1. The accused in this case was charged under Section 420 of the Indian Penal Code. He was a revenue patil of Mahalpatne village, and the charge against him was that he cheated Government and dishonestly induced Government to part with Rs. 29-10-0 by a misrepresentation that Tania Sakia, a Bhil, was employed as Patkari for the village in 1924-25, when as a matter of fact no Patkari was employed in the village during that year. An objection was taken in the trial Court that the sanction given in this case under Section 197, Criminal Procedure Code, for the prosecution of the accused by the District Magistrate was not sufficient, as the accused was not removeable from his office save by or with the sanction of the Local Government, and as no Court could take cognizance of such offence except with the previous sanction of the Local Government. This objection was overruled by the trial Magistrate on the ground that by J.D.G.R. No. 2033 of March 17, 1913, the power was delegated by Government to the Commissioners and Collectors. On the merits the trial Magistrate found the accused guilty and sentenced him to suffer rigorous imprisonment for six months.
2. The accused appealed to the Sessions Court. The learned Sessions Judge dealt with the case on the merits. Apparently the objection based upon the provisions of Section 197, Criminal Procedure Code, was not made before that Court. The learned Sessions Judge affirmed the decision of the trial Court and dismissed the appeal.
3. The accused has applied to this Court in revision. The objection which was made before the trial Court has been renewed before us. It appears that under Section 197, Criminal Procedure Code, as it stood before it was amended in 1923, the sanction required was the sanction of the Government having power to order his removal or some officer empowered in this behalf by such Government; and it was under the powers of delegation contemplated by Section 197, as it stood then, that the Government delegated these powers by the Government Resolution of 1913. But this section was amended in 1923. The section as it stood at the date of these proceedings is in these terms so far as it is material to the present point:-
When any public servant who is not removable from his office save by or with the sanction of a Local Government or some higher authority, is accused of any offence alleged to have been committed by him while acting or purporting to act in the discharge of his official duty, no Court shall take cognizance of such offence except with the previous sanction of the Local Government.
4. The delegation of the power in 1913, is, therefore, of no use under the present section. The sanction required now is the sanction of the Local Government. There was no appearance on behalf of the Crown. But, having regard to the nature of the objection taken by the accused, we directed that the Government Pleader should appear in this case. We have now heard the learned Government Pleader on behalf of the Crown. It is clear from the provisions of Section 58 of the Hereditary Offices Act that the accused is not removeable from his office without the sanction of the Local Government. That being so, it is clear that under Section 197, Criminal Procedure Code, the sanction of the Local Government is necessary, There is no such sanction in the present case. It is also clear that where the sanction required by Section 197, Criminal Procedure Code, is not obtained prior to the proceedings, the proceedings must be treated as void. It is sufficient to refer on this point to the decision in Emperor v. Bhimaji Venkaji I.L.R. (1917) 42 Bom. 172. This position has not been and cannot be contested.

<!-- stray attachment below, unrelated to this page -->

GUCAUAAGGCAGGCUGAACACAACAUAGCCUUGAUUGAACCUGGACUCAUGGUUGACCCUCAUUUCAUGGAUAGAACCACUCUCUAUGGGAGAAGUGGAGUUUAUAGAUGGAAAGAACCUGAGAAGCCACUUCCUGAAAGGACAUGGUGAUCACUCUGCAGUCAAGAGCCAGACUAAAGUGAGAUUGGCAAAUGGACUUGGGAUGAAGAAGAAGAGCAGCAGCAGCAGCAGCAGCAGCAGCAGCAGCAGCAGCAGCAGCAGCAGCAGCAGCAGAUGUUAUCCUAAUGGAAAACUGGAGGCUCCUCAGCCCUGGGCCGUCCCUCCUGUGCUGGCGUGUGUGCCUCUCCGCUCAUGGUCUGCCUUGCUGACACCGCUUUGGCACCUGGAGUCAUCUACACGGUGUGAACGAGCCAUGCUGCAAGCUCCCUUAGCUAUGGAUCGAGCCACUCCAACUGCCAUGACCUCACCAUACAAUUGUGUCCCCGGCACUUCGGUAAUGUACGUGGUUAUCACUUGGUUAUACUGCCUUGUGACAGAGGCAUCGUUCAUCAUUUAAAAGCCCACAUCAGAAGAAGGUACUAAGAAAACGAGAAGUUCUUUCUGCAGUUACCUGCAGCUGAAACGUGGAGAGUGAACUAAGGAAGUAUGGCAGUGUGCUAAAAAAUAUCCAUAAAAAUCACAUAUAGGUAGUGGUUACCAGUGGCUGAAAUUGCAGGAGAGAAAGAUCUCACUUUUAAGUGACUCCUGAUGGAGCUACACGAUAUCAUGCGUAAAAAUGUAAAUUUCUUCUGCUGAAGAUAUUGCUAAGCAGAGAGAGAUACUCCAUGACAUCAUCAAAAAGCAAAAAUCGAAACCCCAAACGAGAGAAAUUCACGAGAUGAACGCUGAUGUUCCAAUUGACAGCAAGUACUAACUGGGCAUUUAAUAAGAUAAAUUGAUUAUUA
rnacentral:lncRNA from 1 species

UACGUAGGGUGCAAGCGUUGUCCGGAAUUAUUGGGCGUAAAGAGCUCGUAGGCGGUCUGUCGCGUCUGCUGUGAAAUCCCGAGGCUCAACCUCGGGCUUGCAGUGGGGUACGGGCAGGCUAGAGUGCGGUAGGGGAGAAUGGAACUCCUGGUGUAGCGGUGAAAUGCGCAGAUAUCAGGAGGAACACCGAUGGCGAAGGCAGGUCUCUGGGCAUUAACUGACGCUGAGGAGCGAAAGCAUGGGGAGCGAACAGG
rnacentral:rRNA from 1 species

5. The result, therefore, is that the conviction and sentence must be set aside, and the accused must be discharged and set at liberty so far as this case is concerned, on the ground that the whole trial before the Magistrate is void as having been held without necessary sanction under Section 197, Criminal Procedure Code. This will be of course without prejudice to any fresh proceedings that may be taken, if at all, against the accused with the proper sanction required by law.
6. In regard to the alteration made in 1923 in Section 197, Criminal Procedure Code, it is not very clear why the section was altered to the form in which it now stands. The Select Committee on this point observed:-
We have confined the operation of the Section to public servants removable by a Local Government or some higher authority and have provided that the sanction required for a prosecution will be the sanction of the authority which has power to remove. Mr. Chaudhari would prefer to leave Section 197 unaltered save in so far as the Bill proposed to amend it. He considers that the amendment proposed by us would enhance the difficulty of obtaining sanction.
7. It appears from the result in this case that the anticipation of Mr. Chaudhari was correct, and that difficulties do arise from the form of Section 197, Criminal Procedure Code, as it stands at present.
8. In regard to the re-trial of the case, I would only add that, as the accused has been acquitted on a purely technical ground, it would appear that there is no objection to retrial if the Government think fit to record the necessary sanction.